Just another way an average Joe (or Jane) can make a difference.

Photography by Nadya Smolskaya

Tuesday, March 11, 2008

Piano sized dreams on a keyboard sized budget?

How about no budget?

Do you need something but just can't seem to scrape together enough money to buy it at the local outlet? Well why don't you just ask for it? Millions of people around the world are doing just that, and people in their communities are more then happy to give it to them. No strings attached.

I mentioned earlier that part of going green is reducing waste as well as limiting the buying of stuff. One of the best ways to do that is to join the local Freecycle group and become one of over 4 million people around the world who are giving items they no longer need to those who do.

On a typical day you can find local people asking for or giving almost anything you can imagine. Do you need a working power cord for that lamp in the corner? Maybe your kids have outgrown some of their clothes and you are tired of them taking up space in the closet. Perhaps you bought a couple boxes of the new frozen pizza rolls only to find you'd rather eat treats out of the litter box like fido does.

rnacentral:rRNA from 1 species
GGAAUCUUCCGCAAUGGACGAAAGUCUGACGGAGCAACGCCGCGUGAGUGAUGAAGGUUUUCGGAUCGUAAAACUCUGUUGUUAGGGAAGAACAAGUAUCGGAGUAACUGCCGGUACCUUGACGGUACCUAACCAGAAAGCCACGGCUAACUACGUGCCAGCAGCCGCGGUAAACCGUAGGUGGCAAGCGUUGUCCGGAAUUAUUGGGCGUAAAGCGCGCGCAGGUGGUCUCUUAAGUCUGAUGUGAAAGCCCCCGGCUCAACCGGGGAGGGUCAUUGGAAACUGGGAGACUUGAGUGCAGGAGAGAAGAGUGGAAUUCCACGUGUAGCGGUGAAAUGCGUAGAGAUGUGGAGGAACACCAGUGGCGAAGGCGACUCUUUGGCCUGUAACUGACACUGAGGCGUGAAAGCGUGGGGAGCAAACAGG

Whether you need something or need to get rid of something, chances are you can find a match on Freecycle.

To give it a try, simply sign up for a free Yahoo! account and look for a group near you. Once you have found and joined a group you will need to decide if you want to read posts at the website or if you prefer to read them via email. If you choose email, just be aware a busy group will keep your in box full. In that case, simply select to receive email from the group in digest form and you will typically get them in batches of 25.

Now simply sit back and wait. If you see something you like, act fast because things go quick. As you can imagine free is a pretty popular price with most people. Just remember to give as well as take and be honest about the condition of the items you give. Most anything goes and finding a taker is generally pretty easy.

No group near you? Start your own and help reduce waste in your community.

Have fun, good luck and be proud you are helping to reduce the strain on our planets resources.

Things you can find on Freecycle include:
  • Food
  • Clothes
  • Electronics
  • Kitchenware
  • Garden tools
  • Craft supplies
  • Cars (seriously)
  • Boats (again, seriously)
  • Pretty much anything else too (hey if people will give cars and boats, why doubt me?)
Photography by Julia Freeman-Woolpert

Monday, March 10, 2008

Water. The miracle cure?

I mentioned in my post on "going green" that we have replaced most beverages in our diet with water and have made an impact by reducing waste and saving a lot of cash. But are we actually saving our lives or at least dramatically improving our health (yet more savings financially) in the process?